Price shuts down Tribe en route to 13th win

Price shuts down Tribe en route to 13th win

Price shuts down Tribe en route to 13th win
ST. PETERSBURG -- B.J. Upton's old-school look turned out to be quite fashionable in the Rays' 6-0 win over the Indians on Thursday afternoon at Tropicana Field with 27,856 fans watching.

By winning, the Rays came away with a hard-earned split with the Indians, who are card-carrying members of the American League Central -- the division that has owned the Rays this season. Ace David Price notched his 13th win, most in the AL and tied for the Major League lead.

The Rays are 48-45 while improving to 8-16 against Central teams this season.

Wearing the high stirrups of another era, Upton brought to mind former Major Leaguer Frank Robinson, who fashioned the same look in the '60s and '70s. But Upton's bat proved to be the most reminiscent of the Hall of Famer, particularly in the sixth inning when he ripped a three-run double off Ubaldo Jimenez to break open what had been a close game.

"B.J., before he went up there, I said, 'Frank Robby right there,'" Rays manager Joe Maddon said, noting how nice the sixth-inning rally was, since it came with two outs. "... Finally a two-out moment came back to us. Two-out, nobody on, that really was a big part of the game."

Jimenez said he threw Upton a slider that "got too much of the plate."

"I was trying to make it break to the outside part, but it just backed up," Jimenez said. "... He's a really good hitter. The thing is, he's hacking, especially with runners on base. But he's a really good hitter."

Carlos Pena singled to drive home Upton, giving Price breathing room, even though the Rays' stylish southpaw gave no indication of needing more than the one run that Luke Scott provided when he homered off Jimenez in the third.

Scott's 12th home run of the season gave the Rays a 1-0 lead. Given the way Price mixed his curveball with an overpowering fastball, the one-run lead looked larger.

Price continued to pound the strike zone, adding zeros to his line along the way. Not until the fifth, when he walked Carlos Santana leading off the inning, did he even sniff trouble. Jose Lopez then stroked a single to center for the Indians' first hit of the afternoon, putting runners at first and second with no outs.

Price remained calm and did not appear to get flustered in the least as he got back to work. First, he struck out Shelley Duncan swinging before Jose Molina threw out Santana trying to steal third for the second out. After issuing his second walk of the inning, Price retired Aaron Cunningham on a fly out to Upton in center to end the threat.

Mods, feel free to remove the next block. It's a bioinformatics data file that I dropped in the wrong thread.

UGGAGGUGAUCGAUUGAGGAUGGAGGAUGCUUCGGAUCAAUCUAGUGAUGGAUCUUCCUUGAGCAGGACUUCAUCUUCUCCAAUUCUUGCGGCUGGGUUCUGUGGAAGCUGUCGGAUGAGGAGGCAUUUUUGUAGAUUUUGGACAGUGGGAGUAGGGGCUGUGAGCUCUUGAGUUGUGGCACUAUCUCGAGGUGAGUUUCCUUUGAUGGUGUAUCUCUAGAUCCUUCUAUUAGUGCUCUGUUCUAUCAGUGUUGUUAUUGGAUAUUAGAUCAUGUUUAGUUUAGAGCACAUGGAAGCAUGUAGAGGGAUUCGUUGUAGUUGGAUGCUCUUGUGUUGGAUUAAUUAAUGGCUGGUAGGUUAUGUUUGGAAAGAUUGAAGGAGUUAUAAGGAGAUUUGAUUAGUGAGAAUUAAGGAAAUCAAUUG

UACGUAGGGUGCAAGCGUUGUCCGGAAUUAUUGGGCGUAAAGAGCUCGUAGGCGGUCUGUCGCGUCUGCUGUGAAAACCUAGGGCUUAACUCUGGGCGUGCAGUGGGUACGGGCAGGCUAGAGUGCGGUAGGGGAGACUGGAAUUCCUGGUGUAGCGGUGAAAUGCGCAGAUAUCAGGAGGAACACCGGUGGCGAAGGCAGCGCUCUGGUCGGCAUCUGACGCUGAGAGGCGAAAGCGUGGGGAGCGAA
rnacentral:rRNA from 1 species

Price allowed two hits in seven scoreless innings.

"David was outstanding," Maddon said. "Once again, he had great command of his fastball, started mixing in some other things. But fastball command was incredible, the velocity -- a lot of 97s and 98s where he wanted to throw it. That's what really makes it even better."

Price said his fastball has "gotten better."

"I've gotten more velocity, it's consistent through the entire game," Price said. "My curveball's better and my cutter is more consistent right now. I throw my changeup whenever I need to, and that makes it a little bit tougher for those guys."

Price is 5-0 with a 1.64 ERA against the Indians. He has struck out 42 in 38 1/3 innings.

"My first start [against the Indians], I went 3 1/3 [innings] against them," Price said. "It was my first start in the big leagues and couldn't make it through four. I don't know. I've had some OK games there, and I guess I've had some pretty good ones here. I don't think I've started against them that many times, but it's a good hitting team, and we've been able to play good baseball against them."

At the end of Thursday afternoon, the Rays' clubhouse had a glow and the only lingering question was whether the retro style would stay. Upton, along with Sean Rodriguez and Jeff Keppinger, all fashioned the retro look on Thursday.

"They broke [the socks out] early and I saw them in my chair," said Upton, who went 3-for-5 with two doubles on the afternoon. "And I'm like, 'I'm not going to be the only guy wearing these.' So I came out of the training room, and I saw that Kep had them on and Sean, too. So I'm like, 'I'm going to wear them.'"

Despite his success, Upton isn't sure if Rays a la Frank Robinson is a fashion that is going to stick.

"Man, I don't know," Upton said. "I don't know if I can look like that every day."

Pena had another opinion.

"He better wear them again tomorrow," Pena said.

Added clubhouse manager Chris Westmoreland, who understands the whims of fashion when success accompanies a new look: "I'm ready for [more requests for the high stirrups]. I've got some back there, might have to order some more."

Bill Chastain is a reporter for This story was not subject to the approval of Major League Baseball or its clubs.